“I’ll think about it,” she conceded. “If I can study out a sure, honourable way. I’ll promise to think. Now go out there, and hunt the last scrap of that glass; the children may cut their feet in the morning.”
Then Kate went in to bed. If she had looked from her window, she might have seen George scratching matches and picking pieces of glass from the grass. When he came to the bottom of the bottle with upstanding, jagged edges, containing a few drops, he glanced at her room, saw that she was undressing in the dark, and lifting it, he poured the liquid on his tongue to the last drop that would fall.
Before Kate awakened the following morning George was out feeding the horses, cattle, and chickens, doing the milking, and working like the proverbial beaver. By the time breakfast was ready, he had convinced himself that he was a very exemplary man, while he expected Kate to be convinced also. He stood ready and willing to forgive her for every mean deceit and secret sin he ever had committed, or had it in his heart to commit in the future. All the world was rosy with him, he was flying with the wings of hope straight toward a wonderful achievement that would bring pleasure and riches, first to George Holt, then to his wife and children, then to the old aunt he really cared more for than any one else.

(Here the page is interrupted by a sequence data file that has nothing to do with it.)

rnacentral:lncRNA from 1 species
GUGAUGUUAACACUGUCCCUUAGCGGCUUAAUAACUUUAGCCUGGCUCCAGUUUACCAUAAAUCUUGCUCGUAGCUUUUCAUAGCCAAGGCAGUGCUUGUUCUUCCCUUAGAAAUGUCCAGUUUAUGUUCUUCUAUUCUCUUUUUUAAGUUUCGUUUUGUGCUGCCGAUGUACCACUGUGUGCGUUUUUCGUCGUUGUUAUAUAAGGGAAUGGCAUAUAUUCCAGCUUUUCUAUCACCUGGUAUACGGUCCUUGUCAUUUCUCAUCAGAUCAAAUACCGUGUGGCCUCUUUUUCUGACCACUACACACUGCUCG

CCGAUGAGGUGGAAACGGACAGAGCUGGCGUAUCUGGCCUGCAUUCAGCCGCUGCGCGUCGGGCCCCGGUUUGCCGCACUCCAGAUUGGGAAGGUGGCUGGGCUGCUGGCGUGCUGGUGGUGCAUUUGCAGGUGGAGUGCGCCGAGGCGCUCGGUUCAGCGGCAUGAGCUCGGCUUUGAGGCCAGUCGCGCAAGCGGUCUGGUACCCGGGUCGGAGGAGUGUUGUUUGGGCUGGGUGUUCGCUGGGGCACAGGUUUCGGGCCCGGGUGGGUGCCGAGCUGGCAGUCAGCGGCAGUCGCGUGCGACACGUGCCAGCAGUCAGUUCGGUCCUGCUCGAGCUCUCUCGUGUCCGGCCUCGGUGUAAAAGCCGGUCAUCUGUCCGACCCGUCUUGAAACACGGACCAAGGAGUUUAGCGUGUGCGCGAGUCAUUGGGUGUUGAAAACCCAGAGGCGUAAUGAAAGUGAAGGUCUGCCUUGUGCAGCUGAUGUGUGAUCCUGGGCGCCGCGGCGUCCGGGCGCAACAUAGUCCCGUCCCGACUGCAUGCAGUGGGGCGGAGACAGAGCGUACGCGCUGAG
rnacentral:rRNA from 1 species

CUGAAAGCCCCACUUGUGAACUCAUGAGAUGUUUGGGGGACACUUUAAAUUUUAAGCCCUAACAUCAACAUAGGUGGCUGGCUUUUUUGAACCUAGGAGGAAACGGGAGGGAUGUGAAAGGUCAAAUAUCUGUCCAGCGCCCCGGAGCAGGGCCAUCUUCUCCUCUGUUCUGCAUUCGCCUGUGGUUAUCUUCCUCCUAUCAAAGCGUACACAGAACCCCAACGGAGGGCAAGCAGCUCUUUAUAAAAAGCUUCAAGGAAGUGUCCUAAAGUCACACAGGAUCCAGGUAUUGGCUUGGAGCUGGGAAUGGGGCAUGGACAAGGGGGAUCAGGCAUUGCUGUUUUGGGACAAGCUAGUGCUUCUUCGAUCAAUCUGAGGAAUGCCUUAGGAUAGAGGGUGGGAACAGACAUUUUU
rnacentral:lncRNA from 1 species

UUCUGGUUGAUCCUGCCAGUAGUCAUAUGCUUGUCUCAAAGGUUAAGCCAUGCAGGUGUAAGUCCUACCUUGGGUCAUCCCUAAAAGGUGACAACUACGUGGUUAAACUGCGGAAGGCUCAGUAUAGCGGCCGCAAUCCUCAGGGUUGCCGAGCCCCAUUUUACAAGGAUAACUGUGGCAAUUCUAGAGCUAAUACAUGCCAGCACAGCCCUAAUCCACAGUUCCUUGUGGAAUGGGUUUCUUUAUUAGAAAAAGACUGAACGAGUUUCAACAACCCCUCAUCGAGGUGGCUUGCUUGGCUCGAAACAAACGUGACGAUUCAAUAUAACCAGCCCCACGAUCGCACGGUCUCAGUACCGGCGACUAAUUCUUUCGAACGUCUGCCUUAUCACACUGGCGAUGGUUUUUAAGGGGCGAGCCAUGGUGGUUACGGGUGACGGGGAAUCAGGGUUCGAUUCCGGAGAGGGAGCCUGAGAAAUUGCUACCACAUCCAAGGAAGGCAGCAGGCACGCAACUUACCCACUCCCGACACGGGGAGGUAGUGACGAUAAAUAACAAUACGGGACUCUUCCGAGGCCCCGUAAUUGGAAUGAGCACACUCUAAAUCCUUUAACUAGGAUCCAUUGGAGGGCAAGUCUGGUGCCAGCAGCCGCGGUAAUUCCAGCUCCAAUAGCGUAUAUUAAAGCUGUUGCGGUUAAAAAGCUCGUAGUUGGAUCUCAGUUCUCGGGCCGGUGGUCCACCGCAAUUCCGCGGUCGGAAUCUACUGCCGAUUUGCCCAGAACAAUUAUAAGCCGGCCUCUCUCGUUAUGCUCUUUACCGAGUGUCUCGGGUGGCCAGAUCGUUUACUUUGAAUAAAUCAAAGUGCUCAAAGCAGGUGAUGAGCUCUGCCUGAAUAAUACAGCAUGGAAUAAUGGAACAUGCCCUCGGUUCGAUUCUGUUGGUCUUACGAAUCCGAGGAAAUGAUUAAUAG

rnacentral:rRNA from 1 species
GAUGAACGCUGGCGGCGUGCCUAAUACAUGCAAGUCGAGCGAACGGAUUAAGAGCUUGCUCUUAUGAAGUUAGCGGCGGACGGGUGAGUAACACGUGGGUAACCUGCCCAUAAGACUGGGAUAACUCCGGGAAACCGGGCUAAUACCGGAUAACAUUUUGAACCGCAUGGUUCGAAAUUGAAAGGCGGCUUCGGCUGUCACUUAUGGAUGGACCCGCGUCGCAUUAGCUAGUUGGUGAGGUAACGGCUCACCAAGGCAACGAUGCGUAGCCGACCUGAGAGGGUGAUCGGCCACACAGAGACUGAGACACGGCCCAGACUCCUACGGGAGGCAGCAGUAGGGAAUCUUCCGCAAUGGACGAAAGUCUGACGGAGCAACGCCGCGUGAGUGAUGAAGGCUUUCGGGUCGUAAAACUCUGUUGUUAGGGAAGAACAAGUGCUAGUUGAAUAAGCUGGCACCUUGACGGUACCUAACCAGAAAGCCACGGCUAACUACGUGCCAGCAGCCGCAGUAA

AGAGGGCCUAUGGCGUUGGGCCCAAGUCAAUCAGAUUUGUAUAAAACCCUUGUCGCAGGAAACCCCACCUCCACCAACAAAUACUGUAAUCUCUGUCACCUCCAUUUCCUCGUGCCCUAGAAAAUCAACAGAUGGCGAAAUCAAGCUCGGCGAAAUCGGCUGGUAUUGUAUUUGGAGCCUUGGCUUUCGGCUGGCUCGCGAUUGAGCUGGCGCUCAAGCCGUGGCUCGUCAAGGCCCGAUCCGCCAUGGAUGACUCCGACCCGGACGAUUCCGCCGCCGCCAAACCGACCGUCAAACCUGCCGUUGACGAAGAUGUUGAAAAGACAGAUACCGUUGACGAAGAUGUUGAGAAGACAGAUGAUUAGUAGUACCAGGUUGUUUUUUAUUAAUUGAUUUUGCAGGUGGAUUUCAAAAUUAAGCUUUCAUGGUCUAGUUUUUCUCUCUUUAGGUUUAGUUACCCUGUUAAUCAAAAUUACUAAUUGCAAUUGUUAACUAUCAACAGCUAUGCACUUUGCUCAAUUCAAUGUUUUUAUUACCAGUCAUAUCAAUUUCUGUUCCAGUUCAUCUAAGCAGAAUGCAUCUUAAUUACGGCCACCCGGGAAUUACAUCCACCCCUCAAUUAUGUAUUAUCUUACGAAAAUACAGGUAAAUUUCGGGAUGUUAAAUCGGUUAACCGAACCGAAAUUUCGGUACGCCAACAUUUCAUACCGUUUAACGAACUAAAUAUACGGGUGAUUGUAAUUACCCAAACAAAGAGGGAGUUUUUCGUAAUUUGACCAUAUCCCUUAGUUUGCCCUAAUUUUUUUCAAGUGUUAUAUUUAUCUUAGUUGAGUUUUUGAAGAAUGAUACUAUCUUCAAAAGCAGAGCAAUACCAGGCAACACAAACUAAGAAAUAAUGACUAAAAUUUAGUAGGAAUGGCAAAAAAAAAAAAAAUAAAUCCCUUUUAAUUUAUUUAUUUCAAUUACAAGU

Incidentally, his mother might have some share, while he would bring such prosperity and activity to the village that all Walden would forget every bad thing it had ever thought or known of him, and delight to pay him honour. Kate might have guessed all this when she saw the pails full of milk on the table, and heard George whistling “Hail the Conquering Hero Comes,” as he turned the cows into the pasture; but she had not slept well. Most of the night she had lain staring at the ceiling, her brain busy with calculations, computations, most of all with personal values.
She dared not be a party to anything that would lose Aunt Ollie her land; that was settled; but if she went into the venture herself, if she kept the deeds in Aunt Ollie’s name, the bank account in hers, drew all the checks, kept the books, would it be safe? Could George buy timber as he thought; could she, herself, if he failed? The children were old enough to be in school now, she could have much of the day, she could soon train Polly and Adam to do even more than sweep and run errands; the scheme could be materialized in the Bates way, without a doubt; but could it be done in a Bates way, hampered and impeded by George Holt? Was the plan feasible, after all? She entered into the rosy cloud enveloping the kitchen without ever catching the faintest gleam of its hue. George came to her the instant he saw her and tried to put his arm around her. Kate drew back and looked at him intently.
“Aw, come on now, Kate,” he said. “Leave out the heroics and be human. I’ll do exactly as you say about everything if you will help me wheedle Aunt Ollie into letting me have the money.”